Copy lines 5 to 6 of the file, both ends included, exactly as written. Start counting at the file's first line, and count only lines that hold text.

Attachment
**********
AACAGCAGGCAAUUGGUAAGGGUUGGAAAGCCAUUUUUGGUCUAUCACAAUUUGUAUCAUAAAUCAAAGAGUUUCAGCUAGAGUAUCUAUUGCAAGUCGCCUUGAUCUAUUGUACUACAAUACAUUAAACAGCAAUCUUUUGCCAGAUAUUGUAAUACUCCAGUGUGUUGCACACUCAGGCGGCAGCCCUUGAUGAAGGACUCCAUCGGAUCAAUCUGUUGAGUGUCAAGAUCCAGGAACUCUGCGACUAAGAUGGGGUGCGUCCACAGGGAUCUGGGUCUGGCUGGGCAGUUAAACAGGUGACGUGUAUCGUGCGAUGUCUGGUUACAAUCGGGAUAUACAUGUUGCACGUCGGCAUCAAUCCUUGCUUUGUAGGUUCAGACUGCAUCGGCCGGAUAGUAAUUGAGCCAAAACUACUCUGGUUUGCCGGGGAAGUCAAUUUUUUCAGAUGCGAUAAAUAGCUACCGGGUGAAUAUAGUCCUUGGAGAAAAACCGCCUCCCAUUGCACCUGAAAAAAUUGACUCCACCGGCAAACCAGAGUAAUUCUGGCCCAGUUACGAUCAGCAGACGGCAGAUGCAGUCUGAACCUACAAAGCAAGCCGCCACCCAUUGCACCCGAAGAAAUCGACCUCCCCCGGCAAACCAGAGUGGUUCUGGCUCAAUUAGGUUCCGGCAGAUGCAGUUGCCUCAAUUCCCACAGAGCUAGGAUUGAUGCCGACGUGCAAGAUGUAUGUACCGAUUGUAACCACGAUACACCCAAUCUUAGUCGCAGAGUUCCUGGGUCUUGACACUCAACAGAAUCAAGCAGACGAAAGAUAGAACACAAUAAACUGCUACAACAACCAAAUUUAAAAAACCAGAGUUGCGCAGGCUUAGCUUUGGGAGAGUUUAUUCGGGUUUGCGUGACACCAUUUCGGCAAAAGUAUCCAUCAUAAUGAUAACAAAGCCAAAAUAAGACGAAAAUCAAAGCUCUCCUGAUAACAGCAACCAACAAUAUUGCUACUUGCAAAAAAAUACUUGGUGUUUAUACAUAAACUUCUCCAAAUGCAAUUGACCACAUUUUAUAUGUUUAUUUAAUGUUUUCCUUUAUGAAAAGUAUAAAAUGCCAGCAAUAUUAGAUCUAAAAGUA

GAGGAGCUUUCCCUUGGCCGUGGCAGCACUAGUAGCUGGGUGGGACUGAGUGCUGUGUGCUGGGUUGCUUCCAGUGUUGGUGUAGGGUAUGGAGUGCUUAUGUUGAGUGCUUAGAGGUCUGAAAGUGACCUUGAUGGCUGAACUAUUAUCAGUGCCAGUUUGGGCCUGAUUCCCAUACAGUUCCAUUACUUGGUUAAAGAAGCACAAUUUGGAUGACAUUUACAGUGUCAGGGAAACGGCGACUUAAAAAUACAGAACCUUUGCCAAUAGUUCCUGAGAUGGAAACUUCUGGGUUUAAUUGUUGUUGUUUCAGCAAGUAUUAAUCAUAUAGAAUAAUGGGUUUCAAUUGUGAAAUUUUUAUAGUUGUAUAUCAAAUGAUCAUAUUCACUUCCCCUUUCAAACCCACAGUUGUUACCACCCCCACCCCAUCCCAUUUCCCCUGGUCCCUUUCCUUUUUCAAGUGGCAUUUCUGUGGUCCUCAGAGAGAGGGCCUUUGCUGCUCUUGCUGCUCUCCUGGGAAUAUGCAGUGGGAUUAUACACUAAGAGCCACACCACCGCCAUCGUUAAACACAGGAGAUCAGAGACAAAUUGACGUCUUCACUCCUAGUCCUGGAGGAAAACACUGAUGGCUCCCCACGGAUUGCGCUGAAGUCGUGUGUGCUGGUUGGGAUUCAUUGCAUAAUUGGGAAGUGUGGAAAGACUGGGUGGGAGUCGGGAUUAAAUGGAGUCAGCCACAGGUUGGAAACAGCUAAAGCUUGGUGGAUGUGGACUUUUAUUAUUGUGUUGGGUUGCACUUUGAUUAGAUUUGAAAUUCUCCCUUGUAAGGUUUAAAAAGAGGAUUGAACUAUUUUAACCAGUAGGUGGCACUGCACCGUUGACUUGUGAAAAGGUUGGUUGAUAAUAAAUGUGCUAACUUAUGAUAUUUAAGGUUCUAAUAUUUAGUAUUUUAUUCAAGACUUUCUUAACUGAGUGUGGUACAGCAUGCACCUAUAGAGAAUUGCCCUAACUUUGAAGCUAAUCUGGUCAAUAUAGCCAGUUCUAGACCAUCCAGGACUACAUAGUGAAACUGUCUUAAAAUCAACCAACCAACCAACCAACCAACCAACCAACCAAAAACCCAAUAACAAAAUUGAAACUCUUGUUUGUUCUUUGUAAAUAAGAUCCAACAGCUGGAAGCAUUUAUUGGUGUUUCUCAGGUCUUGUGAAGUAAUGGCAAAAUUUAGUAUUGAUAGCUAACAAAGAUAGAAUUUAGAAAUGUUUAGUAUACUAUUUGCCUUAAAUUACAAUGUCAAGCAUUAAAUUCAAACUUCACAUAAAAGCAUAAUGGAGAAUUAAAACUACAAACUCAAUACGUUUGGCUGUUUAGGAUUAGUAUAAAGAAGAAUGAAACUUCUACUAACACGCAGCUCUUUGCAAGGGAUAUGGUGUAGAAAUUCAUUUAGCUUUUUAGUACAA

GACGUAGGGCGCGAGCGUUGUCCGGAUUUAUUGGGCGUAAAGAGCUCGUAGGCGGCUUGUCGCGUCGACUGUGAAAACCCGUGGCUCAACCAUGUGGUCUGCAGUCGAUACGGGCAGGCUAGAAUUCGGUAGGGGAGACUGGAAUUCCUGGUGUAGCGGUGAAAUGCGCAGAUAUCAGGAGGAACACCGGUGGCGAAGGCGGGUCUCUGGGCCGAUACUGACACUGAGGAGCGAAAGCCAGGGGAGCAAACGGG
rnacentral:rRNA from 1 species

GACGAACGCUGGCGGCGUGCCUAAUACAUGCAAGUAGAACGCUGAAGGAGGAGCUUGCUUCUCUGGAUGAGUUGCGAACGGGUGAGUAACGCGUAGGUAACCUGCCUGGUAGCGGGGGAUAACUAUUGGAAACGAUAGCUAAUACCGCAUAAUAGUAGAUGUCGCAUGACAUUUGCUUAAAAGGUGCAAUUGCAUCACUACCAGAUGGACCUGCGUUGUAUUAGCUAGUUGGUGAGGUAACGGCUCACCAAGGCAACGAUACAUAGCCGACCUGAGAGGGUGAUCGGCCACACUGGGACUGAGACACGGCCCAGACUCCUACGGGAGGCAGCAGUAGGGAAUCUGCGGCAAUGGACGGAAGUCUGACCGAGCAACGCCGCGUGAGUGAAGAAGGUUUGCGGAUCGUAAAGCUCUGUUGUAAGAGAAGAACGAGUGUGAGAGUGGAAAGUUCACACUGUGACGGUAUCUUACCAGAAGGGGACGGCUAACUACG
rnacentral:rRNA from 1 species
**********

GACGAACGCUGGCGGCGUGCCUAAUACAUGCAAGUAGAACGCUGAAGGAGGAGCUUGCUUCUCUGGAUGAGUUGCGAACGGGUGAGUAACGCGUAGGUAACCUGCCUGGUAGCGGGGGAUAACUAUUGGAAACGAUAGCUAAUACCGCAUAAUAGUAGAUGUCGCAUGACAUUUGCUUAAAAGGUGCAAUUGCAUCACUACCAGAUGGACCUGCGUUGUAUUAGCUAGUUGGUGAGGUAACGGCUCACCAAGGCAACGAUACAUAGCCGACCUGAGAGGGUGAUCGGCCACACUGGGACUGAGACACGGCCCAGACUCCUACGGGAGGCAGCAGUAGGGAAUCUGCGGCAAUGGACGGAAGUCUGACCGAGCAACGCCGCGUGAGUGAAGAAGGUUUGCGGAUCGUAAAGCUCUGUUGUAAGAGAAGAACGAGUGUGAGAGUGGAAAGUUCACACUGUGACGGUAUCUUACCAGAAGGGGACGGCUAACUACG
rnacentral:rRNA from 1 species